Launch Your STEM Lab Journey

School divisions across the nation have become a part of the makerspace movement. These divisions are working to give students access and opportunity to engage in maker activities that support growth in STEM education, encourage creative thinking, promote curiosity and facilitate collaborative opportunities. As a result, an increasing number of districts are establishing fab labs or STEM labs, designating tinker times throughout the day and/or providing staff with professional development and resources that encourage student participation in open-ended exploration. This movement has created an opportunity for tech educators/leaders to establish a creative STEM space in their school. 

Setting up a creative exploration space in your school can seem overwhelming but here are several things to consider as you begin to develop or enhance this learning space.

Establish a vision or mission statement for this space.

Involve your school administrators, staff and students as you establish the vision and goals for this space. This is where you need to establish the why. Collaborate with administration, staff and students to create excitement and ownership over the vision for this space. Social media platforms and Google can provide inspiration for your visioning and planning. 

Make a plan. 

Before spending funds on equipment and materials, make sure you have answers to these questions:

  • When will students and staff access this space/cart? Will classes have a scheduled rotation into the lab or will it be an open collaborative work space? 
  • Who will manage this space? Will it be an individual or a shared responsibility?
  • What is the budget for this space? How will it be funded? Will there be consistent funding or a one-time grant?
  • What major equipment or “big ticket items” are needed for the space? Will furniture and storage solutions need to be purchased?
  • How will materials and projects be stored and organized?
  • How many electrical outlets are needed? Is there an accessible sink? What are some important room features? 

This is a crucial step! Answer these questions to ensure nothing is overlooked. 

Bring it all together. This is the fun part!

 After brainstorming with your planning team and making sure the plans align with your team, school or district’s goal for the space, now it’s time to put it all together. Create a supply list of both consumable and non-consumable items. Some non-consumable items that may be considered for the lab include 3D printers, robots, green screen with accessories, camera, tablets or laptops, etc. Examples of consumable items include filament (for the 3D printers) tape, cardboard, construction paper, string, popsicle sticks, pipe cleaners, etc. It’s important to have a balance of both consumables and non-consumables when creating a supply list for your collaborative learning space. Build a spreadsheet with these items listed, links to where items will be purchased and item totals to manage your expenses.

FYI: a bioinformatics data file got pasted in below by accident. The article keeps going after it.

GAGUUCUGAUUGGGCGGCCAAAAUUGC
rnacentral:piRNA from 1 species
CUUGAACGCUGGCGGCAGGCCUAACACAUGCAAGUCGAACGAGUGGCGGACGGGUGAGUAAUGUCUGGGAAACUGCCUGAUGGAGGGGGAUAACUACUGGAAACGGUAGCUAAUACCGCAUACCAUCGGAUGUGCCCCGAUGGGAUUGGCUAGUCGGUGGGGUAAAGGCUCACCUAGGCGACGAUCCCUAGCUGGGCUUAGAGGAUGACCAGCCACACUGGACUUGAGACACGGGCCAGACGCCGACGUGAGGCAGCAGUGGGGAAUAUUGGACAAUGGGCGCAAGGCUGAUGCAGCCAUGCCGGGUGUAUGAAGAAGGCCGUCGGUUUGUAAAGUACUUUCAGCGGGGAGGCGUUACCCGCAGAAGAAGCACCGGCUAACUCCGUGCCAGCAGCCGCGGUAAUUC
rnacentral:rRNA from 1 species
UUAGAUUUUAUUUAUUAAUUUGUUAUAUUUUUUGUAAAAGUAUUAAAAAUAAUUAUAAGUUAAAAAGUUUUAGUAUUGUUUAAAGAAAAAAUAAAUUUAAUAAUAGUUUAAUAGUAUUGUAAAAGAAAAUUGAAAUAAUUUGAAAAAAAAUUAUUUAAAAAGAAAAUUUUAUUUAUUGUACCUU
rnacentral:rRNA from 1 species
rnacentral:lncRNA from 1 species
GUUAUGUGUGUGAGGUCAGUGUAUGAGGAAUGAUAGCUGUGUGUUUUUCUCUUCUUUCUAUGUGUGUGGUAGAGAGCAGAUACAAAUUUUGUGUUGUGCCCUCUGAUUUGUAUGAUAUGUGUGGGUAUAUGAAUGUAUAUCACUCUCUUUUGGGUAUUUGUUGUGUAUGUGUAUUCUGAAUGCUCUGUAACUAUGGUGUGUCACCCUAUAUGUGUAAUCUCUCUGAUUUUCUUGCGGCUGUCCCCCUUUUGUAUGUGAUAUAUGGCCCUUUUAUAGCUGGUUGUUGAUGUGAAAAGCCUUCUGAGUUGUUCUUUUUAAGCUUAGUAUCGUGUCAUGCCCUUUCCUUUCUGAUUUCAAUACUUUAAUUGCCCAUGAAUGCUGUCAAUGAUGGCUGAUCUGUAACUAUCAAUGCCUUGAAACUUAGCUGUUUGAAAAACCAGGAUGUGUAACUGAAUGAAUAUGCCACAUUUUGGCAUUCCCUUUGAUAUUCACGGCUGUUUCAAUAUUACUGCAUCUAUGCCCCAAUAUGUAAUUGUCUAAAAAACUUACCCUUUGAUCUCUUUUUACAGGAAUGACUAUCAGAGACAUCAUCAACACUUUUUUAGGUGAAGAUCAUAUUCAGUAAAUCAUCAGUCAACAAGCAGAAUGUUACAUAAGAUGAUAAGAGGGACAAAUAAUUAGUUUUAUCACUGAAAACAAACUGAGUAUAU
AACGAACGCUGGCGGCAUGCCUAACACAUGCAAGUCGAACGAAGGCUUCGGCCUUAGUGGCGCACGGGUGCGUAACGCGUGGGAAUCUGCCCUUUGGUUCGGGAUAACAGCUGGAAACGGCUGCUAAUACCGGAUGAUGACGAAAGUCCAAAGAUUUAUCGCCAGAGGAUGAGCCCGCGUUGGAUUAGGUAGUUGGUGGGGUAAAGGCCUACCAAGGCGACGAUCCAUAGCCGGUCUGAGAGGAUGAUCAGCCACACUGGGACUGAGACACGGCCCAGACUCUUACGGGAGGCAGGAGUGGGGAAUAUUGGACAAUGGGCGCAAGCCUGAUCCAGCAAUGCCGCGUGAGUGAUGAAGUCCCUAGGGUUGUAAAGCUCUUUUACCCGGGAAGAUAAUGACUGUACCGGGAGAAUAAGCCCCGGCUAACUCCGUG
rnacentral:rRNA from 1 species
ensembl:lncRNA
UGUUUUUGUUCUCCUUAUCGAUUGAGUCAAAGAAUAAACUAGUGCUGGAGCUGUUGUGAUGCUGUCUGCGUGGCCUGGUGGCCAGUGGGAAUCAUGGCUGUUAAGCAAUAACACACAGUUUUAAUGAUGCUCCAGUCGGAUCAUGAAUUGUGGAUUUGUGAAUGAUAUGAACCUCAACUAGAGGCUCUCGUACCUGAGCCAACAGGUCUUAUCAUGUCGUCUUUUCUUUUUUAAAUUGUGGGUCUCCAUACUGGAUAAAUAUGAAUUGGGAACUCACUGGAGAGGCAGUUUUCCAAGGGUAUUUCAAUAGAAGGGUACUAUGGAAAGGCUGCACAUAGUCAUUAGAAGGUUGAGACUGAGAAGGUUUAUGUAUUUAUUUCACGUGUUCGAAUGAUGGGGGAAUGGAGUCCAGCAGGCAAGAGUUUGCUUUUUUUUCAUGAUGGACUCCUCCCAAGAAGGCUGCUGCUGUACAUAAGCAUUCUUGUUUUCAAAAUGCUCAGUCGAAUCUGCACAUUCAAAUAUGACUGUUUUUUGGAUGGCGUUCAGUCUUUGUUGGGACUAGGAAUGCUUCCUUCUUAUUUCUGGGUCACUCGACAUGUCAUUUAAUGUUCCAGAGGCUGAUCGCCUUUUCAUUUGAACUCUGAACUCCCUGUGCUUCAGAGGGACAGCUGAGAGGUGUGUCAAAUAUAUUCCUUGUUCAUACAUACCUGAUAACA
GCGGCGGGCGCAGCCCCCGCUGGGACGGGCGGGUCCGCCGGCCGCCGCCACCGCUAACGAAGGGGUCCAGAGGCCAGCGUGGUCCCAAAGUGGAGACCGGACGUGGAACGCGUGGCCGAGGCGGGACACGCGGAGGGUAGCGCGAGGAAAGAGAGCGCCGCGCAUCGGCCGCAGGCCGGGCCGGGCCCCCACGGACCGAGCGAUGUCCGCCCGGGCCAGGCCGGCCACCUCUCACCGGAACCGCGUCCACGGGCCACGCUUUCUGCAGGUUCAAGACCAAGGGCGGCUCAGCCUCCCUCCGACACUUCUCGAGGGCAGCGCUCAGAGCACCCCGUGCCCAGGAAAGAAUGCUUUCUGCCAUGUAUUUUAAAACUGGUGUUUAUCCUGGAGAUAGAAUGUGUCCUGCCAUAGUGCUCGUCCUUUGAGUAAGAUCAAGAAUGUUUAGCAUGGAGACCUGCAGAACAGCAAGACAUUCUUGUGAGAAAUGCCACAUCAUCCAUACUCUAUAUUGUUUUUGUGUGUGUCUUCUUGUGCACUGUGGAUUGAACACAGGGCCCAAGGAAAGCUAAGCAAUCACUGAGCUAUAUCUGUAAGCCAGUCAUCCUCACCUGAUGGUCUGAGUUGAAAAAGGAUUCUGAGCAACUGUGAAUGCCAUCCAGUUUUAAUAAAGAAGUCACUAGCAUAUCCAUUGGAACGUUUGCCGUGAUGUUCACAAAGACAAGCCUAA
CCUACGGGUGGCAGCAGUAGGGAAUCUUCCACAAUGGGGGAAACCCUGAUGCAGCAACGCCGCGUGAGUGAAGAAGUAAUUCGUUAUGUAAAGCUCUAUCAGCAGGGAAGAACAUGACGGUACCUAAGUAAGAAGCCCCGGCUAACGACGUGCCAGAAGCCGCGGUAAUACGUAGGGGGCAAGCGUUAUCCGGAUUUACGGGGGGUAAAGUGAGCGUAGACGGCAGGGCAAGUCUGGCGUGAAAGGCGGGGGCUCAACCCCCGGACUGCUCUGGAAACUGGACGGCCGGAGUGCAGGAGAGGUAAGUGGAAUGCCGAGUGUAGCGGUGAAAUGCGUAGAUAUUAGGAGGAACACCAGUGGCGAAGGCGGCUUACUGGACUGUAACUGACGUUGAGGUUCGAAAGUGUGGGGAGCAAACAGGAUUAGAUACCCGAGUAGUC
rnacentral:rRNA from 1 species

Keep it rolling.

Once the STEM space is established, it’s important that materials and equipment are maintained and replenished as needed. Create a lab/cart wishlist that can be shared with families and the community because many items that are needed in a makerspace or STEM lab are everyday items that are typically recycled. Create large donation containers at the school entrances to encourage item donations. Consumables and heavily used items in the lab will need to be replaced often. A “Running Low” list can be posted on a whiteboard or on a shared document so resources that are almost depleted can be replenished. 

Celebrate it.

Host a family STEM night to encourage families to utilize this space and see what projects students are working on. Visibility and family STEM education is an integral part of creating and maintaining a shared learning space like this. These events allow for students to have an authentic audience and they get families excited about all of the things that are happening in the STEM space and school. 

Makerspaces or STEM labs can come in all shapes and sizes and they can be structured or more organic. However, at the end of the day, the important thing is that you are giving students opportunities to learn, collaborate together and explore in settings where both innovation and curiosity are supported. 

Authorship Information

Courtney Lewis is an Instructional Technology Resource Teacher for New Kent County Public Schools. She has had the opportunity to start up STEM labs in two elementary schools in New Kent County. Prior to being an ITRT, she was a 1st grade teacher for 10 years. 

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